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Environment minister: UAE-Israel oil deal blocked

Environment minister: UAE-Israel oil deal blocked

An aerial view of (foreground) oil storage containers of the Eilat Ashkelon Pipeline Company (EAPC) in the mountains near Israel's Red Sea port city of Eilat, and (background) the Jordanian coastline south of Aqaba on February 10, 2021

Tamar Zandberg, Environment Minister said Thursday that a clandestine deal that would have transformed a paradise for scuba divers into a routepoint for Emirati crude oil headed for Western markets had been effectively blocked.

Zandberg stated to Israeli Army Radio that the agreement could not be realized after a Justice Ministry opinion that her Office had the authority limit the activities of the Israeli government owned corporation that was signed onto the deal.

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An aerial view of (foreground) oil storage containers of the Eilat Ashkelon Pipeline Company (EAPC) in the mountains near Israel's Red Sea port city of Eilat, and (background) the Jordanian coastline south of Aqaba on February 10, 2021An aerial view of (foreground) oil storage containers of the Eilat Ashkelon Pipeline Company (EAPC) in the mountains near Israel's Red Sea port city of Eilat, and (background) the Jordanian coastline south of Aqaba on February 10, 2021

Aerial view (foreground) oil storage container of the Eilat Ashkelon Pipeline Company in the mountains close to Israel’s Red Sea port town of Eilat

(Photo by AFP)

She said that although the deal is on paper, there is no way to make it real. They won’t allow more tankers to enter than the current permit allows. The agreement cannot be realized.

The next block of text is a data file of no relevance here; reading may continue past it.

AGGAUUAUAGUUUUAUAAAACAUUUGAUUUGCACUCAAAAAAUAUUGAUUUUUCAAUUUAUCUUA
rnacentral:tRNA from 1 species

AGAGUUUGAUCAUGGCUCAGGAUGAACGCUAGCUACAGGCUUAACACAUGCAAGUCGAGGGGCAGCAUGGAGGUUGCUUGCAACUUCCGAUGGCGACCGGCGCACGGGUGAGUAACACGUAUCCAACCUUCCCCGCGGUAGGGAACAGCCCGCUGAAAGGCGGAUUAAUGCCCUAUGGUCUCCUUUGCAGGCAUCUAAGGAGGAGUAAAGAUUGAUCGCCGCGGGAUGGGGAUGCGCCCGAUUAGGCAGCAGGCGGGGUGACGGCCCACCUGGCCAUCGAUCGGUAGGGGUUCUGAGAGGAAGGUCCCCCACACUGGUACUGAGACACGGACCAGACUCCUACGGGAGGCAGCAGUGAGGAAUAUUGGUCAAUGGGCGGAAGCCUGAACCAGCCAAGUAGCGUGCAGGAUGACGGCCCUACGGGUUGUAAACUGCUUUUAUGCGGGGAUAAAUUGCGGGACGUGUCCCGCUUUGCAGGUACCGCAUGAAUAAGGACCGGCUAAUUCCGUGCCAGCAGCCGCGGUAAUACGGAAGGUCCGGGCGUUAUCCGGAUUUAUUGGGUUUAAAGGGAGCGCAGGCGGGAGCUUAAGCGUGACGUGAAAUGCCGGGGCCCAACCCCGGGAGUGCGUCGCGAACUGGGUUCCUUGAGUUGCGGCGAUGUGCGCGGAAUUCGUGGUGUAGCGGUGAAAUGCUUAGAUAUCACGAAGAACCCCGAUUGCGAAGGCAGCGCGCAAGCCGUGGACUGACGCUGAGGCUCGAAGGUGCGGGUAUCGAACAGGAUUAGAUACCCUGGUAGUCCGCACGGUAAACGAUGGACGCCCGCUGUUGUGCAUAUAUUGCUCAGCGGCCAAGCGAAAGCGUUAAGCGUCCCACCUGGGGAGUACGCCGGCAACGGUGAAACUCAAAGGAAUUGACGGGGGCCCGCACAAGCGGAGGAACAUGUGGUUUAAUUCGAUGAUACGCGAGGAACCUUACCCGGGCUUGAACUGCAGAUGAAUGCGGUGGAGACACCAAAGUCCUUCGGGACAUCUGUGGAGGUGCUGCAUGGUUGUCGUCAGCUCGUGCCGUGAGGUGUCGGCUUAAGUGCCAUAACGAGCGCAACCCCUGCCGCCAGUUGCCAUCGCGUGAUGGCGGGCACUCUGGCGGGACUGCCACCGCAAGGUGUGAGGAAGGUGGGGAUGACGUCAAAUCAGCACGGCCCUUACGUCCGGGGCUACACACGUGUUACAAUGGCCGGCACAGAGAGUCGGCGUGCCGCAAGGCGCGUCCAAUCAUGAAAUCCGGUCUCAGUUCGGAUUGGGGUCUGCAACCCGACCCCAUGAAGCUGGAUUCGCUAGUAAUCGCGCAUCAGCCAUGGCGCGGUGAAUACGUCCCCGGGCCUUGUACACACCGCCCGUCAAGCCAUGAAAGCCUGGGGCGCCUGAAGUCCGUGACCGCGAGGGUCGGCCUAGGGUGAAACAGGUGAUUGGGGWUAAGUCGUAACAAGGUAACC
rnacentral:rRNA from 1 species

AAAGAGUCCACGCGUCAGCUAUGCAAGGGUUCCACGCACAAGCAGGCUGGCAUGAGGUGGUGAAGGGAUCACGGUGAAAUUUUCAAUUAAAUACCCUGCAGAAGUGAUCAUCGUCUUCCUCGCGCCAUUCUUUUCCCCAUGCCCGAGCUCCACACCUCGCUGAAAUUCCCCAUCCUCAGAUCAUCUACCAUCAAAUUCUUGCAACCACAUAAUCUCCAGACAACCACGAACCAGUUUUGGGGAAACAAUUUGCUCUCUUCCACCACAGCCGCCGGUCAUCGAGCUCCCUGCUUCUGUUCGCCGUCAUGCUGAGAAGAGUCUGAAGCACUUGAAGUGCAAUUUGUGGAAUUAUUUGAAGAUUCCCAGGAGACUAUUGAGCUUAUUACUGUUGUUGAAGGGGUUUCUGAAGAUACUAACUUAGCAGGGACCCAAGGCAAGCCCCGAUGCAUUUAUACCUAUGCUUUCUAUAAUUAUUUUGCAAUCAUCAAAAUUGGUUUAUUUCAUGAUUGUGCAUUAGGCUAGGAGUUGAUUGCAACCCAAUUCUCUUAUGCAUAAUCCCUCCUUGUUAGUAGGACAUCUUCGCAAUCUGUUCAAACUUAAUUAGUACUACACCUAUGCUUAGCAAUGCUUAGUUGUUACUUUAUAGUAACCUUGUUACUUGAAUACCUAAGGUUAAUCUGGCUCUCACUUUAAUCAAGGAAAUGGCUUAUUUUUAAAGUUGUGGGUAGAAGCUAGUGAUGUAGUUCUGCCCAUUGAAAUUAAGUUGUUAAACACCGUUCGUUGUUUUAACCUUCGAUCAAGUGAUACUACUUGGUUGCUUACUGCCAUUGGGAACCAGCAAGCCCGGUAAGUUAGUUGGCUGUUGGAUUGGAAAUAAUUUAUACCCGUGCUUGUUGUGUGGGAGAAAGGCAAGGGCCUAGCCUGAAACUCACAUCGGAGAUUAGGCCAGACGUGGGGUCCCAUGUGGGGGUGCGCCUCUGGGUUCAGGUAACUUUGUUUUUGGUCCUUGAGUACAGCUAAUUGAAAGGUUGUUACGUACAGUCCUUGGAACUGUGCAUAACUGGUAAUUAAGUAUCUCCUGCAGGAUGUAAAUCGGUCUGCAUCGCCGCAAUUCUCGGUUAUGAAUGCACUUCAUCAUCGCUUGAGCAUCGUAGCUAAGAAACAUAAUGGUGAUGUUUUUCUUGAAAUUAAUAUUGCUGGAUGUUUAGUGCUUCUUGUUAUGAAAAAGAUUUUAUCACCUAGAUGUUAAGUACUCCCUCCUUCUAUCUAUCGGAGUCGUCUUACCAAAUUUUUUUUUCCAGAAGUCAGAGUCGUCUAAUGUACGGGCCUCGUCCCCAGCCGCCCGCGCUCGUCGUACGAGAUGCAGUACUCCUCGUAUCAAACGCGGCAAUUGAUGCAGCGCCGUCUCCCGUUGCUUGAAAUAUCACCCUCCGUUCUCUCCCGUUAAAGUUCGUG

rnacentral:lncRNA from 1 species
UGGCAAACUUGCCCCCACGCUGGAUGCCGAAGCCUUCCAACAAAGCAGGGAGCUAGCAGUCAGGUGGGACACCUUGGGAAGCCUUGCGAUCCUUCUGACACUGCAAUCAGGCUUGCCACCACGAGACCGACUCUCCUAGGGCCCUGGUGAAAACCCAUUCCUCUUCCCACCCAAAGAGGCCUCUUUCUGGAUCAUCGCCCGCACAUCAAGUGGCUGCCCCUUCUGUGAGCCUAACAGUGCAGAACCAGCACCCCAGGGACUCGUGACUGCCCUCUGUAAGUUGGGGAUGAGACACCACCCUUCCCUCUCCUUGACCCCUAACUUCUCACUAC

The secret deal would have significantly increased oil tanker docking and unloading at Eilat, an Israeli resort city. It was reached last January between the Europe-Asia Pipeline Company of Israel and MED-RED Land Bridge, a joint Israeli/Emirati venture. This agreement followed the historic diplomatic ties that were established between Israel and United Arab Emirates.

Senior officials from the former Prime Minister Benjamin Netanyahu’s government, including his former foreign and energy ministers, said they didn’t know about the agreement until it was announced last January after the accords were signed by the White House.

Initially hailed as a move to cement fledgling diplomatic relations and further Israels energy ambitions. However, the new Israeli government ordered a review. Following outrage from environmental groups who warned that the increased oil tanker traffic would lead to the destruction of the Gulf of Eilats reefs, the new Israeli government ordered a review. Investors were upset and it could have a diplomatic spat between Israel’s Gulf allies.

The Environmental Protection Ministry stopped the company’s expansion plans, limiting the number of oil tankers allowed into Gulf of Eilat, and effectively preventing the deal.

Israeli environmental groups had requested that the Supreme Court cancel the agreement and halt oil shipment. They cited the corporations questionable safety record, and the risk of supertankers being parked alongside fragile coral ecosystems in Eilats. After the Justice Ministry’s decision not to side with the Environmental Protection Ministry, the groups retracted their lawsuit earlier in the month.

The EAPC was a pipeline company that was established to bring Iranian oil to Israel in the 1960s. Its operations are kept secret ostensibly to protect security.

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